2. It was contended on behalf of the revenue that the claim regarding the bonus provision of Rs. 1,50,000 was not a permissible deduction in the assessment year 1957-58 as it had not become an ascertained liability at the end of 1956. In the mercantile system of accounting, a claim forbonus can be allowed only when it is an ascertained or accrued liability and not a contingent liability. In this case, it is not an accrued liability. The learned counsel for the assessee submitted that right from the assessment year 1943-44, the practice in their business was to make provision in the accounts on the 31st December in each year towards liability to pay bonus and set off the actual amount disbursed by way of bonus subsequently against the provision. It was said that if the provision is in excess of disbursement, the excess was disallowed in the relevant assessment. If, on the contrary, the disbursements were in excess of the provision, the entire provision and the excess amount actually disbursed were allowed as expenses in the relevant assessment to which the bonus payment related. This practice has been followed up to 1956-57 assessment. In fact, for the assessment year 1949-50, when the department refused to allow any deduction over and above the sum of Rs. 75,000 for which amount alone provision has been made in the accounts, the assessee took the matter in appeal and the Appellate Assistant Commissioner held that the assessees were entitled to an allowance of Rs. 1,36,719 being the total amount disbursed subsequent to December 31, 1958, on account of bonus. The learned counsel further submitted that this practice proceeds on the basis of an implied agreement between the assessee and its employees and such an agreement could be spelled out from the aforesaid conduct. The learned counsel wanted that this method of making provision for bonus in the year of account be treated as a system of accounting itself followed by the assessee for a long number of years enabling it to treat the provision as one for a current liability. We are unable to accept this contention of the learned counsel for the assessee. There is no evidence as to the basis on which the provision was made in the earlier years. For the assessment year 1957-68, Rs. 1,50,000 is said to have been arrived at on the basis of 3| months' salary. To find out whether the same basis was adopted in the earlier year or any different basis was adopted, there is no evidence. There is also no evidence that these provisions were made in the earlier years in pursuance of any agreement between the parties. Even the Tribunal did not accept the contention of the assessee that any particular system of accounting which contemplated a provision being made on any definite basis was systematically followed. The Tribunal considered that to the extent of Rs. 1,50,000 the liability is an admitted liability and, therefore, allowable as a deduction. There is no evidence of any claim having been made by the workers during the accounting year 1956. No question of admitting any liability could, therefore, arise. The entries in the account books were also not communicated to the workers and the workers could not have made any claim for bonus on the basis of these entries. It is in the nature of a prudent provision for a possible contingent liability, but notan accrued liability. The question is whether, in these circumstances, the assessee is entitled to a deduction of this amount.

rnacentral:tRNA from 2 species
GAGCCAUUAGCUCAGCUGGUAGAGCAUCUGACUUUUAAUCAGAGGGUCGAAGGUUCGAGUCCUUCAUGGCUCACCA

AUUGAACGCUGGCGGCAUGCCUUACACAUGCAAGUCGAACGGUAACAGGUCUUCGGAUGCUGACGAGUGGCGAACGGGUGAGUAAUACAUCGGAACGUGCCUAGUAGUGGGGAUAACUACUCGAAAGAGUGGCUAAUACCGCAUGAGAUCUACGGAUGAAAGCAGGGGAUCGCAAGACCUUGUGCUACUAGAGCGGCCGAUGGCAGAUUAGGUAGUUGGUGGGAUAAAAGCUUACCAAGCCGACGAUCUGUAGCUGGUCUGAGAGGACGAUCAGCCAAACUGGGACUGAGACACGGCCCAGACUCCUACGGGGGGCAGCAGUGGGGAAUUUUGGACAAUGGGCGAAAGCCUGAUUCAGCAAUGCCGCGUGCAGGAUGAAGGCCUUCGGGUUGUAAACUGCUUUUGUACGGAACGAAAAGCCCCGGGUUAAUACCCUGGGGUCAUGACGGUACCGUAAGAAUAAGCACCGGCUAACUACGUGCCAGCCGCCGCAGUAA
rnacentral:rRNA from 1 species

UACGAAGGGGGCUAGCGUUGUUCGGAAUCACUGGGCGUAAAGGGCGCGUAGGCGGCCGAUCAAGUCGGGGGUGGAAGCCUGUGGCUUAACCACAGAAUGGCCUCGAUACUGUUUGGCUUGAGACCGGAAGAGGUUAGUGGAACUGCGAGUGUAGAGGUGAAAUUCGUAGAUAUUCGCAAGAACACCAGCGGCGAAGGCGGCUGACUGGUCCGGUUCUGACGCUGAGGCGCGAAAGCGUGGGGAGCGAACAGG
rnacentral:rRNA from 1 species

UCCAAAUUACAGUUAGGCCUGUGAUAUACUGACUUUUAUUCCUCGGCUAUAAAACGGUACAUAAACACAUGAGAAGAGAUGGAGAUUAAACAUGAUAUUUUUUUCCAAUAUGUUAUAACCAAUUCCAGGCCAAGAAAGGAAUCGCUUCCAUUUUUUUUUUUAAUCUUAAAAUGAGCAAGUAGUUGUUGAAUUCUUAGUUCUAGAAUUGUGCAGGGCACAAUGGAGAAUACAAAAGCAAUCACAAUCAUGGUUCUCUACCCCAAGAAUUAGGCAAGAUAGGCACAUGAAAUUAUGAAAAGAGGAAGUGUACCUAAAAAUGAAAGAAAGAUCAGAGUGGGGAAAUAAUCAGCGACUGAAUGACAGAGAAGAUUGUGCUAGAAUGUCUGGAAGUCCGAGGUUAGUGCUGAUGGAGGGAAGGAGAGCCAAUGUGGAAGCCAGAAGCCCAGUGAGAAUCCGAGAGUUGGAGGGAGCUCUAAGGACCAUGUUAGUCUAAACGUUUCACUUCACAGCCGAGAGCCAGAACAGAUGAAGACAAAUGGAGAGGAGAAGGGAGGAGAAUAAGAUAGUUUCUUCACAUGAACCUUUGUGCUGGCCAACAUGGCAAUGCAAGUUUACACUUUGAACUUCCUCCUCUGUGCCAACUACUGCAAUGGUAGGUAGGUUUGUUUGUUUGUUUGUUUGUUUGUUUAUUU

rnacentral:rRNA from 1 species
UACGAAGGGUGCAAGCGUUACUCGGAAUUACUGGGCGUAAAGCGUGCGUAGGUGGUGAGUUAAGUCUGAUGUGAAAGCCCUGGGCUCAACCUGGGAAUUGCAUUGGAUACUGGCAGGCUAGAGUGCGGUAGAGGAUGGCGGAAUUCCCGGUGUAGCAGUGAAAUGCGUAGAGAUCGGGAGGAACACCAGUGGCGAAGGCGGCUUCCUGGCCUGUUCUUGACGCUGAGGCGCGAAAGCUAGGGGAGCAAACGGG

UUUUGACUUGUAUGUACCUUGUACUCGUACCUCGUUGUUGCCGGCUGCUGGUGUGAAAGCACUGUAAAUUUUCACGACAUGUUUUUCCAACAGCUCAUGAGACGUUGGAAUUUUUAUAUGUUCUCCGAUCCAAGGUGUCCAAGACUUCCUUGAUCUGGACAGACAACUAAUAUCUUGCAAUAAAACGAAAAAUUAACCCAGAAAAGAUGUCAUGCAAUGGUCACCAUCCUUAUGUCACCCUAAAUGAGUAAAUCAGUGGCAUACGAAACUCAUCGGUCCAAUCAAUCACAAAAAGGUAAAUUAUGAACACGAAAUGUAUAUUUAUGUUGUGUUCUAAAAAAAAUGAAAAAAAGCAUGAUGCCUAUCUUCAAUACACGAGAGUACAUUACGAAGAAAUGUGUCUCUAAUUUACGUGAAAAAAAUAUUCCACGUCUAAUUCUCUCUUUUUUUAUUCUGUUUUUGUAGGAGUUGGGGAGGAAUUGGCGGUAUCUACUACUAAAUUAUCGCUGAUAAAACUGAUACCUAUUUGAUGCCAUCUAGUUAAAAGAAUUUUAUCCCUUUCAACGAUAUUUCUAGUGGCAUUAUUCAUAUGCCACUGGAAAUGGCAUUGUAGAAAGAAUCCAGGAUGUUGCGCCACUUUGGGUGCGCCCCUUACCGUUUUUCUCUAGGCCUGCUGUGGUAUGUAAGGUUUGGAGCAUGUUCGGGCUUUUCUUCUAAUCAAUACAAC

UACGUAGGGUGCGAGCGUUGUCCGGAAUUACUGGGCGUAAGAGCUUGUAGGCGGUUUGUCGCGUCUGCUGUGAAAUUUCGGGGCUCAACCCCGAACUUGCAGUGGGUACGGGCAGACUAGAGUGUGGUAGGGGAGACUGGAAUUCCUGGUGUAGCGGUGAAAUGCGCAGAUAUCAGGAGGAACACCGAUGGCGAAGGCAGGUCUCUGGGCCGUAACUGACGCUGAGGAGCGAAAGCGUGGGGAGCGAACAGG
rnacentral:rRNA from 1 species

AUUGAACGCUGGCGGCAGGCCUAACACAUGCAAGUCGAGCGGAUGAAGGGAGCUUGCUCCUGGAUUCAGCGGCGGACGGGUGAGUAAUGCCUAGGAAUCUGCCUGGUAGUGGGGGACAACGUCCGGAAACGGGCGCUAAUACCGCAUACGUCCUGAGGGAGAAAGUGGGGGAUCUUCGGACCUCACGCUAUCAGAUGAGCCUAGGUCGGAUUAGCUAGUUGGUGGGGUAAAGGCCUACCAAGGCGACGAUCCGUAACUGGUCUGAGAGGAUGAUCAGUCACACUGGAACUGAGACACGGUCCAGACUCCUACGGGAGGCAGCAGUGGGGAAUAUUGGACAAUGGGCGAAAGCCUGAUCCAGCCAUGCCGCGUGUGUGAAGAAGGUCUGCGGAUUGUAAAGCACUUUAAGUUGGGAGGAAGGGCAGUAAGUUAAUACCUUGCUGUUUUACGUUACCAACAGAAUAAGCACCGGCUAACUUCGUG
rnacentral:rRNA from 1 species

3. In Associated Printers (Madras) Private Ltd. v. Commissioner of Income-tax, : 43ITR281(Mad) , ). the facts are these: The assessee took over a running business on, February 1, 1950, at a time when a dispute between its predecessor and its workmen regarding their claim for Deepavali bonus for 1949 was pending adjudication by the industrial tribunal. After the transfer of the business the assessee was also made a party to the industrial dispute. The award of the tribunal awarding payment of one and a half months' basic wages as bonus to each of the workmen was published on February 9, 1951. The claim for bonus for Deepavali in 1950 was settled by direct negotiations between the assessee-company and its workmen and an agreement was arrived at on June 30, 1951. The total amount thus payable as bonus for the two years amounted to Rs. 54,140 and that amount was debited in the accounts of the assessee-company in its year of account which ended on January 31, 1952. The question for consideration was whether the liability to pay Rs. 54,140 as bonus which was undertaken by the assessee in the year of account 1951-52 was an allowable item of expenditure in assessing the profits and losses of that year of account in the assessment year 1952-53. While holding that the expenditure was properly debitable in the accounting year ending January 3), 1952, this court observed :